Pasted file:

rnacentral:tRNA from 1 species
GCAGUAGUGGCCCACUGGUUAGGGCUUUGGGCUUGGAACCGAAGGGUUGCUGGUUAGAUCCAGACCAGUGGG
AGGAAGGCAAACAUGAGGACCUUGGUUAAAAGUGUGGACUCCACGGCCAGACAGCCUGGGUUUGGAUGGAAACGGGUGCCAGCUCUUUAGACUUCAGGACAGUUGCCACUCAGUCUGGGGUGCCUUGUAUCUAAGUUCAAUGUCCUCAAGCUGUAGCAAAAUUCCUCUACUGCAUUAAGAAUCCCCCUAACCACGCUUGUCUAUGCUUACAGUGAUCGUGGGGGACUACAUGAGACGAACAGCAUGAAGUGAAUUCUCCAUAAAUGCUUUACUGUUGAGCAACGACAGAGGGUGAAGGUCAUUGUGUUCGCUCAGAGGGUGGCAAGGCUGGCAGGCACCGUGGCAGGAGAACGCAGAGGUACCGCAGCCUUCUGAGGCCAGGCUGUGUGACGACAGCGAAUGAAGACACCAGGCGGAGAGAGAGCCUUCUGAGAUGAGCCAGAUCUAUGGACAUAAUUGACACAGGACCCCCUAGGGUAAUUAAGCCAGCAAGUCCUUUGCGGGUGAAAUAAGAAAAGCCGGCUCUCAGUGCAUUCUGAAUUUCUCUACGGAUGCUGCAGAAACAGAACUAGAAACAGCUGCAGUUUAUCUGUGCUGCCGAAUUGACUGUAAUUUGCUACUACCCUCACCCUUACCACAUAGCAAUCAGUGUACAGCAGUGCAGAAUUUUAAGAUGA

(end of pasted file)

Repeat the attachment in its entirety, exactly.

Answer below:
rnacentral:tRNA from 1 species
GCAGUAGUGGCCCACUGGUUAGGGCUUUGGGCUUGGAACCGAAGGGUUGCUGGUUAGAUCCAGACCAGUGGG
AGGAAGGCAAACAUGAGGACCUUGGUUAAAAGUGUGGACUCCACGGCCAGACAGCCUGGGUUUGGAUGGAAACGGGUGCCAGCUCUUUAGACUUCAGGACAGUUGCCACUCAGUCUGGGGUGCCUUGUAUCUAAGUUCAAUGUCCUCAAGCUGUAGCAAAAUUCCUCUACUGCAUUAAGAAUCCCCCUAACCACGCUUGUCUAUGCUUACAGUGAUCGUGGGGGACUACAUGAGACGAACAGCAUGAAGUGAAUUCUCCAUAAAUGCUUUACUGUUGAGCAACGACAGAGGGUGAAGGUCAUUGUGUUCGCUCAGAGGGUGGCAAGGCUGGCAGGCACCGUGGCAGGAGAACGCAGAGGUACCGCAGCCUUCUGAGGCCAGGCUGUGUGACGACAGCGAAUGAAGACACCAGGCGGAGAGAGAGCCUUCUGAGAUGAGCCAGAUCUAUGGACAUAAUUGACACAGGACCCCCUAGGGUAAUUAAGCCAGCAAGUCCUUUGCGGGUGAAAUAAGAAAAGCCGGCUCUCAGUGCAUUCUGAAUUUCUCUACGGAUGCUGCAGAAACAGAACUAGAAACAGCUGCAGUUUAUCUGUGCUGCCGAAUUGACUGUAAUUUGCUACUACCCUCACCCUUACCACAUAGCAAUCAGUGUACAGCAGUGCAGAAUUUUAAGAUGA